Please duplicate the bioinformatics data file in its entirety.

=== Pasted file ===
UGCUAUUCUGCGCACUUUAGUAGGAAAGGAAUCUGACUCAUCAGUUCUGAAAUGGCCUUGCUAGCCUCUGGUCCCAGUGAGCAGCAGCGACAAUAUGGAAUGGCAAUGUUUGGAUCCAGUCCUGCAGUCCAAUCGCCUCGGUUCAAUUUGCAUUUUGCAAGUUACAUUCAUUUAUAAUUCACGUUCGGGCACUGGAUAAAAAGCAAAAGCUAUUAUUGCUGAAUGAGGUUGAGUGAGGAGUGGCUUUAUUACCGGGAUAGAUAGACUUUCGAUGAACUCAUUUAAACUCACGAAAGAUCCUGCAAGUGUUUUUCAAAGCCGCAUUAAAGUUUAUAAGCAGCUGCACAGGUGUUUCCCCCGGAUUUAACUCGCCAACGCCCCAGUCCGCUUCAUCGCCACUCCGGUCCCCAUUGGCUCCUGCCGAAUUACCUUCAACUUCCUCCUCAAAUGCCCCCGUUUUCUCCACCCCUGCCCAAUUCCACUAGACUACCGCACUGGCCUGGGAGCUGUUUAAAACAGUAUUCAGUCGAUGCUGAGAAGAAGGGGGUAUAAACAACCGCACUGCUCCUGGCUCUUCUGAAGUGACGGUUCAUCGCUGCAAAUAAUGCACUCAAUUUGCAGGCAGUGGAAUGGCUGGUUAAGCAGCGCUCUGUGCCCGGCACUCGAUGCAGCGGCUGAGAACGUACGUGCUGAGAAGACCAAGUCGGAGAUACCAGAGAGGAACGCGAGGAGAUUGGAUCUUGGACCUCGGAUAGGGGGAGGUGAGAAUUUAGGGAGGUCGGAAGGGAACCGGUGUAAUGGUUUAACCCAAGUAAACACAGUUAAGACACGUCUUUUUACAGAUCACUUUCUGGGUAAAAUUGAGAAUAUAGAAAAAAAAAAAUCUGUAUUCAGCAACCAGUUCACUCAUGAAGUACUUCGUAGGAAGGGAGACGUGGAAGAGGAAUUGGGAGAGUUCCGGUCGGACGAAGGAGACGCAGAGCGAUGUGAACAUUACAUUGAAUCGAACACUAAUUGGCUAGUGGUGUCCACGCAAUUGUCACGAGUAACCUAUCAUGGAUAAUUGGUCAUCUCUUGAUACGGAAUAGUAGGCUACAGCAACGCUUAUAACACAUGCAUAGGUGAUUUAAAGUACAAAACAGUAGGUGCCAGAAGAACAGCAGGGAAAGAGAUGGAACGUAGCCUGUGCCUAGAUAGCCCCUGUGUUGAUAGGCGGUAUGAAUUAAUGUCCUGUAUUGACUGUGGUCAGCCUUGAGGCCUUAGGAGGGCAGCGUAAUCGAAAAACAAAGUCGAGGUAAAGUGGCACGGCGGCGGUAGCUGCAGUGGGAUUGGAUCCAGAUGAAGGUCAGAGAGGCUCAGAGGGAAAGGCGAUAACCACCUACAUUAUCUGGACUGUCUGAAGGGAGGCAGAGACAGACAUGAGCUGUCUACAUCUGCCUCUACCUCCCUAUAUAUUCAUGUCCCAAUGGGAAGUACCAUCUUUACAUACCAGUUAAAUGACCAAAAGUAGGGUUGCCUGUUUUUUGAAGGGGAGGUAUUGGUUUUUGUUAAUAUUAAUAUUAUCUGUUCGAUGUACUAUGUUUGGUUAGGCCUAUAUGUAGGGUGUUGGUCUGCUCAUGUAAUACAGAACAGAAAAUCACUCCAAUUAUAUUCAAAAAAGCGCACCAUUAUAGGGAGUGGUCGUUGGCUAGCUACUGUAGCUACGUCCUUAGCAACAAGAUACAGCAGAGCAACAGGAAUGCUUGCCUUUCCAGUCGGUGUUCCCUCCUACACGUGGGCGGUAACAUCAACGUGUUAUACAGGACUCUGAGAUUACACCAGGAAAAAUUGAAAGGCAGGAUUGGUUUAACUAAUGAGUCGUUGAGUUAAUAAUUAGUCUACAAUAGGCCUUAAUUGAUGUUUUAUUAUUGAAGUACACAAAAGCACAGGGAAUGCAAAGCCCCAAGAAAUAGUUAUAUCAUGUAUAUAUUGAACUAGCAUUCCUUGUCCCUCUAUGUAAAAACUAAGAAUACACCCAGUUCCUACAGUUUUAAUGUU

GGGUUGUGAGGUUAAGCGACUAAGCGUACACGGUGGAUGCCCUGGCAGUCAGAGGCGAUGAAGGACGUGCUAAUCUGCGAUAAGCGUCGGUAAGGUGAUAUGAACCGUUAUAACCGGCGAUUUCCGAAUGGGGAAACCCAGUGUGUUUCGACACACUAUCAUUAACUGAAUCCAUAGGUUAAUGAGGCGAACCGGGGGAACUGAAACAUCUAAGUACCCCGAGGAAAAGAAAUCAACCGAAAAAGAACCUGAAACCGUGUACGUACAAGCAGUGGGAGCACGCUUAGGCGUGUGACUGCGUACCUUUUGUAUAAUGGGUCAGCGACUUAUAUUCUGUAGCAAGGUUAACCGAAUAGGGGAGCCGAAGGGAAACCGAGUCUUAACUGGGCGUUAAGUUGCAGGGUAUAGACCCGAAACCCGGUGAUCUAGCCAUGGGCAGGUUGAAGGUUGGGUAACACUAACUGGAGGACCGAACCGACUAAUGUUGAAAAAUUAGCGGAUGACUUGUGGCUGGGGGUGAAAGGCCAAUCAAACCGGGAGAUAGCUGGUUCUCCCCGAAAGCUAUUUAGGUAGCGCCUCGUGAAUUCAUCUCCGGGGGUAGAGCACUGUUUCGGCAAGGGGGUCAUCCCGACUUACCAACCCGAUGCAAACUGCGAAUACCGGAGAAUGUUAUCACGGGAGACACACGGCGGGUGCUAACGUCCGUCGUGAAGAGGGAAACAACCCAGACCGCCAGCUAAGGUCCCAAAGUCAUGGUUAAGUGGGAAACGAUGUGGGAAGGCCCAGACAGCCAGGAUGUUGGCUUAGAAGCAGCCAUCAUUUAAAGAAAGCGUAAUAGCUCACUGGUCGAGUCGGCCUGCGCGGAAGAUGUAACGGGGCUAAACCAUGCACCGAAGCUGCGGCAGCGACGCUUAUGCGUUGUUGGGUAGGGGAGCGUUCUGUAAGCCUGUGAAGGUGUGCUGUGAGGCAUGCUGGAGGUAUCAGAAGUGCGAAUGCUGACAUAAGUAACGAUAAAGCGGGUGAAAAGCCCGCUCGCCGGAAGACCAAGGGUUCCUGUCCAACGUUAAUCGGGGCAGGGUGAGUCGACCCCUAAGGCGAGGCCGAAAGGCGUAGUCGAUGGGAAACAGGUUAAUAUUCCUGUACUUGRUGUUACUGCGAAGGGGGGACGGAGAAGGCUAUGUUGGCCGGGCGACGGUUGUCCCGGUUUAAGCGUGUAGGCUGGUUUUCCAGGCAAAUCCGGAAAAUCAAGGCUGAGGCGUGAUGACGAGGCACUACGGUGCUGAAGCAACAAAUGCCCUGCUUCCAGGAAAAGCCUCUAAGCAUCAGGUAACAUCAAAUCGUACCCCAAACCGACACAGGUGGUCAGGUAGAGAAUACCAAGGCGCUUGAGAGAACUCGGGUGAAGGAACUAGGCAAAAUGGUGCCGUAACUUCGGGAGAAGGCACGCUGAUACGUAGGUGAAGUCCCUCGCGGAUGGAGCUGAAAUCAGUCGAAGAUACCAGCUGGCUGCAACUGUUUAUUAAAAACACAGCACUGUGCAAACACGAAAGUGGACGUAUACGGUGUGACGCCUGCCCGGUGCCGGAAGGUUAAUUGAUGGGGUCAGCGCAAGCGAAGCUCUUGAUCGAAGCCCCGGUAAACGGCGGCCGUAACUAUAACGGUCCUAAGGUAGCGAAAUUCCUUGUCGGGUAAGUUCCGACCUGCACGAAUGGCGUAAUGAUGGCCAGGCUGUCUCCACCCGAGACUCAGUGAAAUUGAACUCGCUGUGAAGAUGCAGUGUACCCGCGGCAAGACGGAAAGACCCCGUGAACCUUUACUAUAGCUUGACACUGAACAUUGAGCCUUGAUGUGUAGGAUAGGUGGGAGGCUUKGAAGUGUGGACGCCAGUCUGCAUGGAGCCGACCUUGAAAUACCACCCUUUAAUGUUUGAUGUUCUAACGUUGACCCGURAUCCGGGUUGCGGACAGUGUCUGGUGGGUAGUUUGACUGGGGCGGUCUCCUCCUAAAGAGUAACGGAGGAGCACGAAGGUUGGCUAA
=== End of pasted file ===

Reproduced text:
UGCUAUUCUGCGCACUUUAGUAGGAAAGGAAUCUGACUCAUCAGUUCUGAAAUGGCCUUGCUAGCCUCUGGUCCCAGUGAGCAGCAGCGACAAUAUGGAAUGGCAAUGUUUGGAUCCAGUCCUGCAGUCCAAUCGCCUCGGUUCAAUUUGCAUUUUGCAAGUUACAUUCAUUUAUAAUUCACGUUCGGGCACUGGAUAAAAAGCAAAAGCUAUUAUUGCUGAAUGAGGUUGAGUGAGGAGUGGCUUUAUUACCGGGAUAGAUAGACUUUCGAUGAACUCAUUUAAACUCACGAAAGAUCCUGCAAGUGUUUUUCAAAGCCGCAUUAAAGUUUAUAAGCAGCUGCACAGGUGUUUCCCCCGGAUUUAACUCGCCAACGCCCCAGUCCGCUUCAUCGCCACUCCGGUCCCCAUUGGCUCCUGCCGAAUUACCUUCAACUUCCUCCUCAAAUGCCCCCGUUUUCUCCACCCCUGCCCAAUUCCACUAGACUACCGCACUGGCCUGGGAGCUGUUUAAAACAGUAUUCAGUCGAUGCUGAGAAGAAGGGGGUAUAAACAACCGCACUGCUCCUGGCUCUUCUGAAGUGACGGUUCAUCGCUGCAAAUAAUGCACUCAAUUUGCAGGCAGUGGAAUGGCUGGUUAAGCAGCGCUCUGUGCCCGGCACUCGAUGCAGCGGCUGAGAACGUACGUGCUGAGAAGACCAAGUCGGAGAUACCAGAGAGGAACGCGAGGAGAUUGGAUCUUGGACCUCGGAUAGGGGGAGGUGAGAAUUUAGGGAGGUCGGAAGGGAACCGGUGUAAUGGUUUAACCCAAGUAAACACAGUUAAGACACGUCUUUUUACAGAUCACUUUCUGGGUAAAAUUGAGAAUAUAGAAAAAAAAAAAUCUGUAUUCAGCAACCAGUUCACUCAUGAAGUACUUCGUAGGAAGGGAGACGUGGAAGAGGAAUUGGGAGAGUUCCGGUCGGACGAAGGAGACGCAGAGCGAUGUGAACAUUACAUUGAAUCGAACACUAAUUGGCUAGUGGUGUCCACGCAAUUGUCACGAGUAACCUAUCAUGGAUAAUUGGUCAUCUCUUGAUACGGAAUAGUAGGCUACAGCAACGCUUAUAACACAUGCAUAGGUGAUUUAAAGUACAAAACAGUAGGUGCCAGAAGAACAGCAGGGAAAGAGAUGGAACGUAGCCUGUGCCUAGAUAGCCCCUGUGUUGAUAGGCGGUAUGAAUUAAUGUCCUGUAUUGACUGUGGUCAGCCUUGAGGCCUUAGGAGGGCAGCGUAAUCGAAAAACAAAGUCGAGGUAAAGUGGCACGGCGGCGGUAGCUGCAGUGGGAUUGGAUCCAGAUGAAGGUCAGAGAGGCUCAGAGGGAAAGGCGAUAACCACCUACAUUAUCUGGACUGUCUGAAGGGAGGCAGAGACAGACAUGAGCUGUCUACAUCUGCCUCUACCUCCCUAUAUAUUCAUGUCCCAAUGGGAAGUACCAUCUUUACAUACCAGUUAAAUGACCAAAAGUAGGGUUGCCUGUUUUUUGAAGGGGAGGUAUUGGUUUUUGUUAAUAUUAAUAUUAUCUGUUCGAUGUACUAUGUUUGGUUAGGCCUAUAUGUAGGGUGUUGGUCUGCUCAUGUAAUACAGAACAGAAAAUCACUCCAAUUAUAUUCAAAAAAGCGCACCAUUAUAGGGAGUGGUCGUUGGCUAGCUACUGUAGCUACGUCCUUAGCAACAAGAUACAGCAGAGCAACAGGAAUGCUUGCCUUUCCAGUCGGUGUUCCCUCCUACACGUGGGCGGUAACAUCAACGUGUUAUACAGGACUCUGAGAUUACACCAGGAAAAAUUGAAAGGCAGGAUUGGUUUAACUAAUGAGUCGUUGAGUUAAUAAUUAGUCUACAAUAGGCCUUAAUUGAUGUUUUAUUAUUGAAGUACACAAAAGCACAGGGAAUGCAAAGCCCCAAGAAAUAGUUAUAUCAUGUAUAUAUUGAACUAGCAUUCCUUGUCCCUCUAUGUAAAAACUAAGAAUACACCCAGUUCCUACAGUUUUAAUGUU

GGGUUGUGAGGUUAAGCGACUAAGCGUACACGGUGGAUGCCCUGGCAGUCAGAGGCGAUGAAGGACGUGCUAAUCUGCGAUAAGCGUCGGUAAGGUGAUAUGAACCGUUAUAACCGGCGAUUUCCGAAUGGGGAAACCCAGUGUGUUUCGACACACUAUCAUUAACUGAAUCCAUAGGUUAAUGAGGCGAACCGGGGGAACUGAAACAUCUAAGUACCCCGAGGAAAAGAAAUCAACCGAAAAAGAACCUGAAACCGUGUACGUACAAGCAGUGGGAGCACGCUUAGGCGUGUGACUGCGUACCUUUUGUAUAAUGGGUCAGCGACUUAUAUUCUGUAGCAAGGUUAACCGAAUAGGGGAGCCGAAGGGAAACCGAGUCUUAACUGGGCGUUAAGUUGCAGGGUAUAGACCCGAAACCCGGUGAUCUAGCCAUGGGCAGGUUGAAGGUUGGGUAACACUAACUGGAGGACCGAACCGACUAAUGUUGAAAAAUUAGCGGAUGACUUGUGGCUGGGGGUGAAAGGCCAAUCAAACCGGGAGAUAGCUGGUUCUCCCCGAAAGCUAUUUAGGUAGCGCCUCGUGAAUUCAUCUCCGGGGGUAGAGCACUGUUUCGGCAAGGGGGUCAUCCCGACUUACCAACCCGAUGCAAACUGCGAAUACCGGAGAAUGUUAUCACGGGAGACACACGGCGGGUGCUAACGUCCGUCGUGAAGAGGGAAACAACCCAGACCGCCAGCUAAGGUCCCAAAGUCAUGGUUAAGUGGGAAACGAUGUGGGAAGGCCCAGACAGCCAGGAUGUUGGCUUAGAAGCAGCCAUCAUUUAAAGAAAGCGUAAUAGCUCACUGGUCGAGUCGGCCUGCGCGGAAGAUGUAACGGGGCUAAACCAUGCACCGAAGCUGCGGCAGCGACGCUUAUGCGUUGUUGGGUAGGGGAGCGUUCUGUAAGCCUGUGAAGGUGUGCUGUGAGGCAUGCUGGAGGUAUCAGAAGUGCGAAUGCUGACAUAAGUAACGAUAAAGCGGGUGAAAAGCCCGCUCGCCGGAAGACCAAGGGUUCCUGUCCAACGUUAAUCGGGGCAGGGUGAGUCGACCCCUAAGGCGAGGCCGAAAGGCGUAGUCGAUGGGAAACAGGUUAAUAUUCCUGUACUUGRUGUUACUGCGAAGGGGGGACGGAGAAGGCUAUGUUGGCCGGGCGACGGUUGUCCCGGUUUAAGCGUGUAGGCUGGUUUUCCAGGCAAAUCCGGAAAAUCAAGGCUGAGGCGUGAUGACGAGGCACUACGGUGCUGAAGCAACAAAUGCCCUGCUUCCAGGAAAAGCCUCUAAGCAUCAGGUAACAUCAAAUCGUACCCCAAACCGACACAGGUGGUCAGGUAGAGAAUACCAAGGCGCUUGAGAGAACUCGGGUGAAGGAACUAGGCAAAAUGGUGCCGUAACUUCGGGAGAAGGCACGCUGAUACGUAGGUGAAGUCCCUCGCGGAUGGAGCUGAAAUCAGUCGAAGAUACCAGCUGGCUGCAACUGUUUAUUAAAAACACAGCACUGUGCAAACACGAAAGUGGACGUAUACGGUGUGACGCCUGCCCGGUGCCGGAAGGUUAAUUGAUGGGGUCAGCGCAAGCGAAGCUCUUGAUCGAAGCCCCGGUAAACGGCGGCCGUAACUAUAACGGUCCUAAGGUAGCGAAAUUCCUUGUCGGGUAAGUUCCGACCUGCACGAAUGGCGUAAUGAUGGCCAGGCUGUCUCCACCCGAGACUCAGUGAAAUUGAACUCGCUGUGAAGAUGCAGUGUACCCGCGGCAAGACGGAAAGACCCCGUGAACCUUUACUAUAGCUUGACACUGAACAUUGAGCCUUGAUGUGUAGGAUAGGUGGGAGGCUUKGAAGUGUGGACGCCAGUCUGCAUGGAGCCGACCUUGAAAUACCACCCUUUAAUGUUUGAUGUUCUAACGUUGACCCGURAUCCGGGUUGCGGACAGUGUCUGGUGGGUAGUUUGACUGGGGCGGUCUCCUCCUAAAGAGUAACGGAGGAGCACGAAGGUUGGCUAA